Another San Francisco building appears to be sinking

By AP : kron4 – excerpt (includes video)

SAN FRANCISCO (AP) – A few blocks from the 58-story Millennium Tower, dubbed “the leaning tower of San Francisco,” another building appears to be sinking.

According to a report, an 18-story building in the city’s financial district appears to have settled three-eighths of an inch due to construction of two high-rises on either side.

The 18-story building serves as the western headquarters of the Federal Deposit Insurance Corporation… (more)

in a recent hearing on the Millennium Tower, engineers said that long durations of the de-watering process, may de-stablize nearby buildings. Now a new analysis by the U.S. Geological Service (USGS) calims that thirty-nine high rises in San Francisco are at risk of collapse in a major earthquake.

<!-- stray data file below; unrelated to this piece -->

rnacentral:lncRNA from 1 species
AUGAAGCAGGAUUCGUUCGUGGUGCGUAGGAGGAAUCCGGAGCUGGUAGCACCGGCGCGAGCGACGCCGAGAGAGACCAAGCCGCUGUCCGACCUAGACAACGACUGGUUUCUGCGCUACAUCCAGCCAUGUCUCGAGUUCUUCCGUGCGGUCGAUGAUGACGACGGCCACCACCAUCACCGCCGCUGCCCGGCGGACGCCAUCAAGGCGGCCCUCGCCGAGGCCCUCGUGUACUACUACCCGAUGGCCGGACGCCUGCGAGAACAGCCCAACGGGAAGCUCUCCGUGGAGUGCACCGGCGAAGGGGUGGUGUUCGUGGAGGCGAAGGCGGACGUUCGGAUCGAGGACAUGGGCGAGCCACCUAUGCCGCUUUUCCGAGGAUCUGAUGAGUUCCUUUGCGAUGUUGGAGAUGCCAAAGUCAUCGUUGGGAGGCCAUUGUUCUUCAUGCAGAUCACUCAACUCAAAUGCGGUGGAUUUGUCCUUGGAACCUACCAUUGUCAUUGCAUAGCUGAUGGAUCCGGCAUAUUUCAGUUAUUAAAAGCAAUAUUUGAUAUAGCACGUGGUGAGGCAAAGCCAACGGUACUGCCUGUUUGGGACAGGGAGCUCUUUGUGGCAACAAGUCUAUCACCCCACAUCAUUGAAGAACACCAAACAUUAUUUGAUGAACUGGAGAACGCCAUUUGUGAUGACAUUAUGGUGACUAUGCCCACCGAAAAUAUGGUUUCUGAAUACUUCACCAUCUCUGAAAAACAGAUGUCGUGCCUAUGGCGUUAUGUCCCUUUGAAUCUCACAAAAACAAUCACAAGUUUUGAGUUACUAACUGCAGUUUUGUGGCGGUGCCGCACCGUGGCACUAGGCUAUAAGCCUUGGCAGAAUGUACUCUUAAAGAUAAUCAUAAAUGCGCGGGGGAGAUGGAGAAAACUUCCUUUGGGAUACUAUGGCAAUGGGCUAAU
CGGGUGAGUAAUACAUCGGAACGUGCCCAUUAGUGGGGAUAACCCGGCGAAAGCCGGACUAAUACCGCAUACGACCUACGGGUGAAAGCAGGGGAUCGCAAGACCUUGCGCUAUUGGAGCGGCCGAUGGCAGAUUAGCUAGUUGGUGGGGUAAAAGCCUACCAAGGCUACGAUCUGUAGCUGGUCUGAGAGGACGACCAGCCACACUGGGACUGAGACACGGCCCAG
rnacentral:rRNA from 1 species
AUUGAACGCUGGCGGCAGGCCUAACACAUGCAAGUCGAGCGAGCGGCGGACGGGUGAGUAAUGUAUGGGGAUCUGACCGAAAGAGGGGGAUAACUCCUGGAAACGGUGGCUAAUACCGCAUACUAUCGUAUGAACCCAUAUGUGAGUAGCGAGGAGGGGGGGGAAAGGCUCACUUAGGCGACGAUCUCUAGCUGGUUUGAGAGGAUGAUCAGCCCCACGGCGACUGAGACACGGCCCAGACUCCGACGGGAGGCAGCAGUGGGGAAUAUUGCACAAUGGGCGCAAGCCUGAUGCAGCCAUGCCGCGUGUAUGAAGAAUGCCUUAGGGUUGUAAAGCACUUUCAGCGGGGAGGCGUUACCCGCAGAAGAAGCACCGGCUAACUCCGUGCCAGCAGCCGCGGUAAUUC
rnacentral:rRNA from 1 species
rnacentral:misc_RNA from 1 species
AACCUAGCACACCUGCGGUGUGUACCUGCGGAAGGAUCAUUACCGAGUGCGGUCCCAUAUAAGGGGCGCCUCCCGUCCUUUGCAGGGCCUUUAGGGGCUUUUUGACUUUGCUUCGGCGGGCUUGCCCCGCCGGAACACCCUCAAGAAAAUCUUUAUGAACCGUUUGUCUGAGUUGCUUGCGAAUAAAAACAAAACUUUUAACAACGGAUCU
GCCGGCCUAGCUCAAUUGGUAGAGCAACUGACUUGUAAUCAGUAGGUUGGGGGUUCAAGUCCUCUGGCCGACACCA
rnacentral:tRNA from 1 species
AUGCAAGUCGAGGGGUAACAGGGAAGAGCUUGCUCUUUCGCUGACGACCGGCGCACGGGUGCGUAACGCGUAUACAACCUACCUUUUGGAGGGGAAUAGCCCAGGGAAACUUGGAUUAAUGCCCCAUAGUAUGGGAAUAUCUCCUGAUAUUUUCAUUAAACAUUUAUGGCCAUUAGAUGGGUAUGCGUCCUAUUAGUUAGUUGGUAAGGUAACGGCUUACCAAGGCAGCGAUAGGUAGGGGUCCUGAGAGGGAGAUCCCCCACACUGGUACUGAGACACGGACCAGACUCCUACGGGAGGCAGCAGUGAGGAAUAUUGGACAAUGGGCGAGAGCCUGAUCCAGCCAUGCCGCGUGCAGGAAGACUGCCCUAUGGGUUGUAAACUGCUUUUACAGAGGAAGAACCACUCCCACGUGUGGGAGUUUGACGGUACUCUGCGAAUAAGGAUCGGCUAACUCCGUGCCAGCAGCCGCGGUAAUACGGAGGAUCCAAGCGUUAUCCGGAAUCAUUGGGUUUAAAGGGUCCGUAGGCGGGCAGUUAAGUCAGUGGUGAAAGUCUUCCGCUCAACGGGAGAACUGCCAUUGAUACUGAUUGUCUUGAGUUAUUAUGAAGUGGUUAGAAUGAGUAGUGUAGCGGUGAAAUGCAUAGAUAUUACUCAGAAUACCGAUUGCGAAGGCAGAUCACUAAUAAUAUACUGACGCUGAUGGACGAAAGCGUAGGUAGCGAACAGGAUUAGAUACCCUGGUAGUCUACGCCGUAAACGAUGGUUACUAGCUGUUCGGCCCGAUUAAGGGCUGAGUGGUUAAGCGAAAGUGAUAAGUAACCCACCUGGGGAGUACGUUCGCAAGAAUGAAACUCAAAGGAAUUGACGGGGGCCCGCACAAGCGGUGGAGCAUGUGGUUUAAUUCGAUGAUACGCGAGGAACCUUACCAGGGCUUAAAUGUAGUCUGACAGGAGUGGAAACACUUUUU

• At issue is a building technique that involved welding columns and beams together rather than using bolts and rivets. The strategy was cheaper and faster, but makes the buildings more flexible and at risk during an earthquake… Dive Insight- excerpt.



Another Building is Sinking in San Francisco

Nearly 40 San Francisco buildings at risk in earthquake

  • At issue is a building technique that involved welding columns and beams together rather than using bolts and rivets. The strategy was cheaper and faster, but makes the buildings more flexible and at risk during an earthquake.
  • At issue is a building technique that involved welding columns and beams together rather than using bolts and rivets. The strategy was cheaper and faster, but makes the buildings more flexible and at risk during an earthquake.